Asia Update: New Developments, and The View from Hong Kong

19 September 2020

Annie Ng, Head of Asia, who oversees eight offices across five countries in the Far East

The surprise August 2020 decision by the United States (US) government to end reciprocal tax arrangements between Hong Kong and the US could have an impact on Hong Kong-flagged vessels: Hong Kong shipping companies that derive any transport income from the US shore will be subject to a 4% tax on their gross income after the arrangement ends. For owners seeking alternative arrangements, the Republic of the Marshall Islands (RMI) Registry offers a credible option, with expert local support via two offices in Hong Kong.

The open lines of communication and positive relationships we have with port State control (PSC) authorities, as well as our track record for quality and best practices, have proven invaluable to us and our clients over the past months. The Hong Kong team is seeing a flurry of inquiries from owners concerned about the potential impact of the changed tax arrangements between the US and Hong Kong.

The RMI Registry’s popularity in the region is underpinned by its recognition as a top performing major flag State in the Tokyo Memorandum of Understanding (MoU). In the most recent Tokyo MoU Annual Report (2019), the RMI had the lowest detention ratio of any of the top three registries—with a three-year rolling average detention ratio of 2.19%. Much of this success is due to the RMI’s proactive approach to supporting owners, which has continued despite the COVID-19 pandemic: our inspectors are, and have always been, in daily contact with PSC personnel. Over the past six months, our teams in Hong Kong, Singapore, China, Korea, and Japan, and our network of in-house inspectors and contractors across the region, have been working even more closely with PSC  authorities to try and overcome what are essentially shared challenges—around safety, crew changes, documentation, and so on.

PSC trusts our commitment to maintaining the highest standards. They know we have the technical expertise to ensure it and understand that we will be working directly with owners, operators, managers, and crew to overcome challenges. This has, of course, meant being pragmatic and flexible in our approach, finding new ways of working, and utilizing resources across our global network to help support owners in what have been very difficult and confusing times.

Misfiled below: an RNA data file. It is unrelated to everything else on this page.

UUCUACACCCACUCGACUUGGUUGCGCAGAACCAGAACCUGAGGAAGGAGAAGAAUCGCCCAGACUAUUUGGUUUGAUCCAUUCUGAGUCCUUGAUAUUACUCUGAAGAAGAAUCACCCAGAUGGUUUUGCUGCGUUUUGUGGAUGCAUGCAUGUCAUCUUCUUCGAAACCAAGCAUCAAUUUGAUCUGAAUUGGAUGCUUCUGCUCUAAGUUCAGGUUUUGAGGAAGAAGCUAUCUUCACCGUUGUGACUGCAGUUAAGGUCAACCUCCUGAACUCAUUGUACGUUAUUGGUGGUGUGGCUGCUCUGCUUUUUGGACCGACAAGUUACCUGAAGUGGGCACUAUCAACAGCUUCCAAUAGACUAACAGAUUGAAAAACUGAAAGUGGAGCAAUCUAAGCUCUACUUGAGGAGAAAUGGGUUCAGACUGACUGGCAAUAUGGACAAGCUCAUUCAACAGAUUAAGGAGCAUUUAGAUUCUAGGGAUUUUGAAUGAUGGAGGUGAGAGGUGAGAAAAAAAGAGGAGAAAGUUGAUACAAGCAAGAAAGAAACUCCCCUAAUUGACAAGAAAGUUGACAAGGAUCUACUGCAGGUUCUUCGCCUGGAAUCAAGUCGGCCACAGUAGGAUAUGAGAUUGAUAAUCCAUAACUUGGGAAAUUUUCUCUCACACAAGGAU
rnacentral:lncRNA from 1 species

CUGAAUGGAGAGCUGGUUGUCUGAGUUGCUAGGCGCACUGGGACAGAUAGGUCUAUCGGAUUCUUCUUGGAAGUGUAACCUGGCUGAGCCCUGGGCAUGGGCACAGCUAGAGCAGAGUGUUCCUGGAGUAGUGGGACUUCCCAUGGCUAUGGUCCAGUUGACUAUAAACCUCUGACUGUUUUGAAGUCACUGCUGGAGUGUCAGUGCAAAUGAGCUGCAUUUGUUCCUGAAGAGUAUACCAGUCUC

When the COVID-19 pandemic started its rapid spread across southeast Asia in late January, IRI’s network of offices in the region quickly responded. In Hong Kong and Korea, IRI implemented staff rotation procedures, and offices in Singapore, China, and Japan moved entirely to remote work. While there were pressures, the work of the teams across the Far East continued uninterrupted and set a precedent that other offices would soon follow.

All our 28 worldwide offices have continued to function seamlessly and without disruption. We’ve been registering ships throughout the pandemic, but of course we have had to find solutions to overcome the inability to hold face-to-face meetings for closings while restrictions have been in place. Recognizing the need to avoid delays, we have allowed flexibility in the signing-off of mortgage documents; we have given powers of attorney; and we have even allowed digital signatures on some forms where it was safe to do so.

Across our eight offices in the Far East region, we registered an additional 80 ships from 24 January to 30 June – during the height of the pandemic in Asia. In July, Hong Kong experienced a third wave of COVID-19 infections, and much of the city went back into lockdown.  However, IRI’s Hong Kong offices continue to operate fully, albeit on a flexible basis and ensuring that all safety precautions and measures are met.

This flexible approach meant that owners have been able to move ahead and ensure that their vessels are registered with a quality flag despite closures and restrictions around the world. Relying on a well-established and highly experienced team of in-house ship inspectors and contractors, the Asia team has also been able to facilitate remote vessel inspections and provide 24-hour support to owners, managers, crew, and port authorities. This has been exceptionally important as the industry has grappled to find new and safe ways of ensuring that standards of safety and compliance are maintained while also keeping up with rapidly changing national regulations and restrictions on movement. What we know now that we didn’t when we were first impacted by COVID-19 in late January is that some of the new ways of doing things work significantly better than expected. Of course, there are some limitations, and we recognize this. We are now doing some follow-up physical vessel inspections and completing closings in person where it is safe to do so; but we are also equipped to adjust and adapt quickly as needed. We will always put the well-being of people first, and will continue to work closely with all parties to maintain the highest standards of safety, compliance, and best practices to ensure that our clients can continue to operate.